Think Pro MAG

How to make open-plan office work?

The workspace in the form of open-plan office has not enjoyed a good reputation in the recent years. Instead, it has elicited the vast amount of controversy. Articles in the foreign and Polish press demonstrate that it is very difficult to work in such an interior. Will we witness the revolution in office design? Despite ongoing polemics, the majority of big companies all around the world still use that solution as it is economically viable. The discussion of the disadvantages of open-plan office has turned out to be very necessary and fruitful because the existing problems have been diagnosed and the design methods have been changed. Thanks to the development of neuroscience, which architects find very inspiring today (neural architecture), we learn more and more how our brain works, however, despite our best efforts, we still have not found a solution that would be ideal for every company.As a result, we design offices which are a combination of all types of spaces  – to work with others (open-plan office), to work alone, to hold meetings or to rest. A flexible office presents its employees with a variety of options concerning choosing the right place to work, depending on their needs. 


Advantages of open-plan office:

  • economic use of space
  • quicker information exchange between employees 
  • favourable conditions for teamwork 

Disadvantages of open-plan office:

  • lack of privacy (being constantly visible and heard)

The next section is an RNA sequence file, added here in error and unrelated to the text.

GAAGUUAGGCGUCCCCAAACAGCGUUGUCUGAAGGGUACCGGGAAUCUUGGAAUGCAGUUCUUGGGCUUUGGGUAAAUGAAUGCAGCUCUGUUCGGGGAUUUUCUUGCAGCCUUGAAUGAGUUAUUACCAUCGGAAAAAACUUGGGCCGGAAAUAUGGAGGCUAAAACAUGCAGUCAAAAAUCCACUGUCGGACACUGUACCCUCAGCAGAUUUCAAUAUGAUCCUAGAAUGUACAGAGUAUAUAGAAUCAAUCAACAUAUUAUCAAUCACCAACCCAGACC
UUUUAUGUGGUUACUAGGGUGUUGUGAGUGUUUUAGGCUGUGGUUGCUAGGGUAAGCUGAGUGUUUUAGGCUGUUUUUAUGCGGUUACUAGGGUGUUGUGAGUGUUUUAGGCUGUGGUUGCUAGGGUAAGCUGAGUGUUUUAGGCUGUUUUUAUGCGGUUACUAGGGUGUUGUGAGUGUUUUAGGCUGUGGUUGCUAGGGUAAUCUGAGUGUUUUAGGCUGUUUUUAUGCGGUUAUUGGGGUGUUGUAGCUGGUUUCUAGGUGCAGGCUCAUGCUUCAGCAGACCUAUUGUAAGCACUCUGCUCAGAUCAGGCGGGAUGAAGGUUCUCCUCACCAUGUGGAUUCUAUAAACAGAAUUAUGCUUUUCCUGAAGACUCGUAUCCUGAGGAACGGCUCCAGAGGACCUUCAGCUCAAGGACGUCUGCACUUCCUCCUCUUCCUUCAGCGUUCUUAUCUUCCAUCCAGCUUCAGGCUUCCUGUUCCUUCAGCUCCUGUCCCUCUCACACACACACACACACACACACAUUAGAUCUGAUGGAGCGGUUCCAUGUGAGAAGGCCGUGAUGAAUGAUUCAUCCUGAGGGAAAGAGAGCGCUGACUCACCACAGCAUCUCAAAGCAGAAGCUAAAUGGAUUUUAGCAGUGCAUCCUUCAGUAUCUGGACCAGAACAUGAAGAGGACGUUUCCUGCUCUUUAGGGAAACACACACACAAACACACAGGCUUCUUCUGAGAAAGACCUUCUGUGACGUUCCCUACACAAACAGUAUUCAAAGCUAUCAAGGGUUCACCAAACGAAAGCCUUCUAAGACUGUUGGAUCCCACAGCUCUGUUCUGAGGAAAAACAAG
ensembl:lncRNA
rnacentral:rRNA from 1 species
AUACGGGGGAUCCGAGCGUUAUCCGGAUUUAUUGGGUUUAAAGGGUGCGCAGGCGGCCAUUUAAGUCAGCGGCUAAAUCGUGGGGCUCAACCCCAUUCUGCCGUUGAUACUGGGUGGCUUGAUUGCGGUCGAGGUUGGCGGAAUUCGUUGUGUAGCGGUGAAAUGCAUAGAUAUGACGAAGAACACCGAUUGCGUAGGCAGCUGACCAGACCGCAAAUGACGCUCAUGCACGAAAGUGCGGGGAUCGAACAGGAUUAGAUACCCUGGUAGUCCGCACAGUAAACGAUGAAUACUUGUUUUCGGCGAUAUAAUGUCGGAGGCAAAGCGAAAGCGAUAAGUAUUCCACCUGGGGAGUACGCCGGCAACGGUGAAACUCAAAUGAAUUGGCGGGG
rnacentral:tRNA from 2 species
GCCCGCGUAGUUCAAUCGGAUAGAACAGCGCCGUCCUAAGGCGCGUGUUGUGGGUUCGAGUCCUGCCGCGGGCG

• feeling of insecurity, territory being invaded  (physically and acoustically) by others
  • noise


  • stress and feeling of insecurity
  • trouble getting focused
  • low work efficiency
  • higher risk of spreading viral diseases 

Own territory and sense of security

Humans are considered “territorial” creatures and their attitudes towards space can be best described by one sentence Winston Churchill once said: “We shape our buildings; thereafter they shape us”. Edward T. Hall, an American anthropologist who developed the concept of “proxemics”, made a lot of research about relations between people and their personal space. In his opinion, the basic human need is the sense of security. We feel secure when our personal/social space is not entered by others without our permission. Psychologists and evolutionary biologists emphasise that a major disadvantage of open-space office is the lack of such a personal space, which causes the lack of privacy. To know you are constantly visible can be really tiring and stressful for employees. We all need a little while for ourselves and a moment of rest from the contact with others.Those needs can be addressed by introducing into office interiors special walls or screens that divide desks. Mobile walls enable employees to control the situation. If the situation calls for it, employees can separate themselves from others. Open-plan office is becoming more diverse than it used to be. There are some places in an office where you can isolate yourself, work in silence or simply rest ( rest zones, quiet rooms, phone booths, and niches). Sofas with scaled backs or the so-called “balloon chairs” can give employees a substitute for desired solitude as well as isolation from the bustling office.



The biggest enemy of work efficiency in open-space office is noise. The sound of unwanted conversations of people near you, footsteps, office equipment – all of that creates a sound wave which is tiring, stressful and could be a distraction to employees. Office acoustics  is a critical issue while designing modern offices. This problem could be solved by means of very many sound absorbing materials such as: acoustic ceiling panels, fabric wall panels, soft furniture, floor covering, carpets, curtains, fabric walls, and acoustic shutters for office furniture.

Acoustic curtains and nature sounds are also used to help to relax. Plants in pots, plant stands or green walls can improve office acoustics to a great extent.